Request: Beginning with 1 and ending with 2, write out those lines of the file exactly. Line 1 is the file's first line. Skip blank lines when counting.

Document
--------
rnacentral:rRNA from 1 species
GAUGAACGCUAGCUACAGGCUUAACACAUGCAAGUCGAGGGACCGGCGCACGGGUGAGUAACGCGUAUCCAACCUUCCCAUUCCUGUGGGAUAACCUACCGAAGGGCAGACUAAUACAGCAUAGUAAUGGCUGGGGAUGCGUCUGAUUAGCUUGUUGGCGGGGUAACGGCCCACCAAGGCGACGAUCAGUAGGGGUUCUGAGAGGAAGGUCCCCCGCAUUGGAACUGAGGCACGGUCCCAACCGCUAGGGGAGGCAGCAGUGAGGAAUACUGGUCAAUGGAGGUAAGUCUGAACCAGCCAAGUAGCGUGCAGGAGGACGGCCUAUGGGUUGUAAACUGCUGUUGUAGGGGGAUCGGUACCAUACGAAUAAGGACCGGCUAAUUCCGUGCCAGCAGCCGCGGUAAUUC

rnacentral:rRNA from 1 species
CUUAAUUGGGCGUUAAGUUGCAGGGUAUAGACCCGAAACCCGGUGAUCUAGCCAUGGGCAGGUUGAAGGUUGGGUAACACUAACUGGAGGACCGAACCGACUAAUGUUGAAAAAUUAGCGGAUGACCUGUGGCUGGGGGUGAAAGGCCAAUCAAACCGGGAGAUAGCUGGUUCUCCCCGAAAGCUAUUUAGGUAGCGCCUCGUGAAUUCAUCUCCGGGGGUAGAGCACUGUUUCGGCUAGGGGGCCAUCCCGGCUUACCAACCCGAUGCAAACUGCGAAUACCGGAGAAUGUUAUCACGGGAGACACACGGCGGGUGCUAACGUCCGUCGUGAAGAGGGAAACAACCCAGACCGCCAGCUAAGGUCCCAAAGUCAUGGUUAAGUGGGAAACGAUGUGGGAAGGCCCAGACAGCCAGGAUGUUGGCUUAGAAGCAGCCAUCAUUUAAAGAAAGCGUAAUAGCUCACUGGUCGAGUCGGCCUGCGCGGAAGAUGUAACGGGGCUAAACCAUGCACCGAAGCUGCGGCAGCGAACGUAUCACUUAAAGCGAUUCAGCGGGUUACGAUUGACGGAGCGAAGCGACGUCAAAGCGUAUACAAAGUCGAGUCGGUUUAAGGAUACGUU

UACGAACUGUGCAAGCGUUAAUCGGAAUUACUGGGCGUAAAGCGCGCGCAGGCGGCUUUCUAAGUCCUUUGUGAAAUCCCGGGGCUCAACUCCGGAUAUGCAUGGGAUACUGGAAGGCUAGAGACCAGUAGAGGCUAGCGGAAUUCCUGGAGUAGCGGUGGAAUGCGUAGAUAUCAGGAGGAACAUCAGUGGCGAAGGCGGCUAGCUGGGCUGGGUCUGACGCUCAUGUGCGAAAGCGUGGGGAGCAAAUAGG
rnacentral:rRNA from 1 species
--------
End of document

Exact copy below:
rnacentral:rRNA from 1 species
GAUGAACGCUAGCUACAGGCUUAACACAUGCAAGUCGAGGGACCGGCGCACGGGUGAGUAACGCGUAUCCAACCUUCCCAUUCCUGUGGGAUAACCUACCGAAGGGCAGACUAAUACAGCAUAGUAAUGGCUGGGGAUGCGUCUGAUUAGCUUGUUGGCGGGGUAACGGCCCACCAAGGCGACGAUCAGUAGGGGUUCUGAGAGGAAGGUCCCCCGCAUUGGAACUGAGGCACGGUCCCAACCGCUAGGGGAGGCAGCAGUGAGGAAUACUGGUCAAUGGAGGUAAGUCUGAACCAGCCAAGUAGCGUGCAGGAGGACGGCCUAUGGGUUGUAAACUGCUGUUGUAGGGGGAUCGGUACCAUACGAAUAAGGACCGGCUAAUUCCGUGCCAGCAGCCGCGGUAAUUC